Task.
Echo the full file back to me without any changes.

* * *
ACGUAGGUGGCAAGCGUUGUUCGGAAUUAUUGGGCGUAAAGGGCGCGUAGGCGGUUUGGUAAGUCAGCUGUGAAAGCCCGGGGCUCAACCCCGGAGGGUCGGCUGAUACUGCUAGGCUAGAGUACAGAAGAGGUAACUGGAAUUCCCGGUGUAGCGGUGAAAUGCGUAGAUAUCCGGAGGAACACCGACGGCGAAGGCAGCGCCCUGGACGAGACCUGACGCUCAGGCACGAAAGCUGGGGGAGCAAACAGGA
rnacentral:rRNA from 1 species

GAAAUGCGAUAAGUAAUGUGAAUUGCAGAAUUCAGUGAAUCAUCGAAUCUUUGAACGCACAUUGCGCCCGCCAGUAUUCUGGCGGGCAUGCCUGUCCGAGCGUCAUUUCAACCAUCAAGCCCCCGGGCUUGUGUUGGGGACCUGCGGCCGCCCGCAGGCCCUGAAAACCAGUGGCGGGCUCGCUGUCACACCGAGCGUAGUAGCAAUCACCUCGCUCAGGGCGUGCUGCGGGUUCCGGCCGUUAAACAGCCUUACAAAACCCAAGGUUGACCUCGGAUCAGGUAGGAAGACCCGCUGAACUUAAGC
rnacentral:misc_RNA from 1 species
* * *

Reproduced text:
ACGUAGGUGGCAAGCGUUGUUCGGAAUUAUUGGGCGUAAAGGGCGCGUAGGCGGUUUGGUAAGUCAGCUGUGAAAGCCCGGGGCUCAACCCCGGAGGGUCGGCUGAUACUGCUAGGCUAGAGUACAGAAGAGGUAACUGGAAUUCCCGGUGUAGCGGUGAAAUGCGUAGAUAUCCGGAGGAACACCGACGGCGAAGGCAGCGCCCUGGACGAGACCUGACGCUCAGGCACGAAAGCUGGGGGAGCAAACAGGA
rnacentral:rRNA from 1 species

GAAAUGCGAUAAGUAAUGUGAAUUGCAGAAUUCAGUGAAUCAUCGAAUCUUUGAACGCACAUUGCGCCCGCCAGUAUUCUGGCGGGCAUGCCUGUCCGAGCGUCAUUUCAACCAUCAAGCCCCCGGGCUUGUGUUGGGGACCUGCGGCCGCCCGCAGGCCCUGAAAACCAGUGGCGGGCUCGCUGUCACACCGAGCGUAGUAGCAAUCACCUCGCUCAGGGCGUGCUGCGGGUUCCGGCCGUUAAACAGCCUUACAAAACCCAAGGUUGACCUCGGAUCAGGUAGGAAGACCCGCUGAACUUAAGC
rnacentral:misc_RNA from 1 species